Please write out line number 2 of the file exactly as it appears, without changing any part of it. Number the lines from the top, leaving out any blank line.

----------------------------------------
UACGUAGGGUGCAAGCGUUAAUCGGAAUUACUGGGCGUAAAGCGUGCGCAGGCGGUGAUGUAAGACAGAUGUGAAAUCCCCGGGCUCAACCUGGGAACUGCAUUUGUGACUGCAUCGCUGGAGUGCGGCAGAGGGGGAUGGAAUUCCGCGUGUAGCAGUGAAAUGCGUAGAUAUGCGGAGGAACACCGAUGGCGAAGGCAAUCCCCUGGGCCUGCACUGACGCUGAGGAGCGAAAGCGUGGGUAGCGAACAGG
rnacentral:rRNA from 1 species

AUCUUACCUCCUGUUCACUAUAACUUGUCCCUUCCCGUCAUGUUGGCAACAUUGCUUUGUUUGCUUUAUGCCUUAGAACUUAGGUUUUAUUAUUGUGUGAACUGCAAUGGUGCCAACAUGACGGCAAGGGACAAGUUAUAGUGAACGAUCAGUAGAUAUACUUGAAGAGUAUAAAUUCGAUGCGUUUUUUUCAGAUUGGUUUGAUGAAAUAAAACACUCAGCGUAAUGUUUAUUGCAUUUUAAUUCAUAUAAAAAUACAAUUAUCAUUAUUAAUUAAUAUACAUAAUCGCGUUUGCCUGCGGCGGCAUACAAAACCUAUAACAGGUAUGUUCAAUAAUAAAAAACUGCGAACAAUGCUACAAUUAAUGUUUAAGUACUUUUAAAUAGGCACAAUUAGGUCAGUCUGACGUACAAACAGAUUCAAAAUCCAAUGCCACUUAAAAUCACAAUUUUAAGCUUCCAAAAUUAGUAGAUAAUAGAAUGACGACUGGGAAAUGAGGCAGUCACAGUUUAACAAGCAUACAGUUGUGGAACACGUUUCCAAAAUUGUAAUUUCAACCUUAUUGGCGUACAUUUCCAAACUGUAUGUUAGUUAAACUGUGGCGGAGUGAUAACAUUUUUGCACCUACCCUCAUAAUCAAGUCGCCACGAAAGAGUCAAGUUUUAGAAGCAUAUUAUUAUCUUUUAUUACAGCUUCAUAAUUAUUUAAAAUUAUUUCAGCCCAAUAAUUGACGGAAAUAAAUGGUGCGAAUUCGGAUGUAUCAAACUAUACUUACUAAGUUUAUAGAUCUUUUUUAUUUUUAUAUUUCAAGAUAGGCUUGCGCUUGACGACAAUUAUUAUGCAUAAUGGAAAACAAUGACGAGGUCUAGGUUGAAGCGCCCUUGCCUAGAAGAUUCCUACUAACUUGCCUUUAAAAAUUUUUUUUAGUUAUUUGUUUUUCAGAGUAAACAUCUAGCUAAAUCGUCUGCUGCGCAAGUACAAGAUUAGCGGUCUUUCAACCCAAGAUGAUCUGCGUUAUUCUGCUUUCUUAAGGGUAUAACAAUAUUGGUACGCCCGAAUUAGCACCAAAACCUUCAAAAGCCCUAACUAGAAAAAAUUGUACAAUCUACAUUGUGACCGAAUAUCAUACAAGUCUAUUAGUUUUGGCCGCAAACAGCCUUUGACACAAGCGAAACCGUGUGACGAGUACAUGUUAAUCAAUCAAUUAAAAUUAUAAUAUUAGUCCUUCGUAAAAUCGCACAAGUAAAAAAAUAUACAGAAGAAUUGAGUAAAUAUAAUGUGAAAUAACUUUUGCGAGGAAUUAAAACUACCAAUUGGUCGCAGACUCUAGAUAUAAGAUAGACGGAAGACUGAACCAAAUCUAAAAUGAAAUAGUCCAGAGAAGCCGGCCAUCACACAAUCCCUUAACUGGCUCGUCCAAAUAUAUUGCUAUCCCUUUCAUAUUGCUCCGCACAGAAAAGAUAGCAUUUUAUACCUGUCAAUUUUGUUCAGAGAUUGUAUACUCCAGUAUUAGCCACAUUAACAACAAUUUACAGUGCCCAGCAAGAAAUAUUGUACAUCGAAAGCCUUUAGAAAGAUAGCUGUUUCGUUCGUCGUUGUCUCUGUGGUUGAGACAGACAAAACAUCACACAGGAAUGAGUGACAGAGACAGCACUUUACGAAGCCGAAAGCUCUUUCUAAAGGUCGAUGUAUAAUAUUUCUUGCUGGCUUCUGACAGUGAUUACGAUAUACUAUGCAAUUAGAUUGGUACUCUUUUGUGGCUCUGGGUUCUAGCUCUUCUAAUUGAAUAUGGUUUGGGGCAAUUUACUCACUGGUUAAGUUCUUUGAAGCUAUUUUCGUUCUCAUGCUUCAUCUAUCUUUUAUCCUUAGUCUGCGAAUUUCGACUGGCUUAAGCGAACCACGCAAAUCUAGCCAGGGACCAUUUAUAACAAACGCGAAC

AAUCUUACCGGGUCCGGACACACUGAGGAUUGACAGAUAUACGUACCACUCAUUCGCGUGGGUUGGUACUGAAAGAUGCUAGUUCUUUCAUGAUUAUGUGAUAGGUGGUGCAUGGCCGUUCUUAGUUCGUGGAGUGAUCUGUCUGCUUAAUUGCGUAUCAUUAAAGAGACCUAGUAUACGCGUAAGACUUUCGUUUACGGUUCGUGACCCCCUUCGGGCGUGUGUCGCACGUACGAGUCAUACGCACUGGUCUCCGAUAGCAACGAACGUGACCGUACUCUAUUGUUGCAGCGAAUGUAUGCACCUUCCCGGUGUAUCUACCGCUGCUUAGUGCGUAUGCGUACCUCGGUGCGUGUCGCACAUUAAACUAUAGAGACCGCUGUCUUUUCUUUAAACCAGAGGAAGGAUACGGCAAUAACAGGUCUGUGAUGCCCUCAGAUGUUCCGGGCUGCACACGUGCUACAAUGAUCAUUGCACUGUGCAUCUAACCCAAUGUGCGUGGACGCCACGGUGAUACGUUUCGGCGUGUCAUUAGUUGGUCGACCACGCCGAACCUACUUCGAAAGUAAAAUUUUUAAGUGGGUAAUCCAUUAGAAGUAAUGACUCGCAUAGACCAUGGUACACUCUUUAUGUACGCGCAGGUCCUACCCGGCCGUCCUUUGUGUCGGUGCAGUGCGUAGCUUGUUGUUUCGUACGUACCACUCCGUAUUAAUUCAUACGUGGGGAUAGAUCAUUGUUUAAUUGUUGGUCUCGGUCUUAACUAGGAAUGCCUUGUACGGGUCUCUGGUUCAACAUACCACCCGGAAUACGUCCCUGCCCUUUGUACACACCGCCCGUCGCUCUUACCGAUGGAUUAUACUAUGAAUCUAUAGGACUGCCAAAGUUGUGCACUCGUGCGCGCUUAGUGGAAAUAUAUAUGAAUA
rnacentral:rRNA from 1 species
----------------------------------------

rnacentral:rRNA from 1 species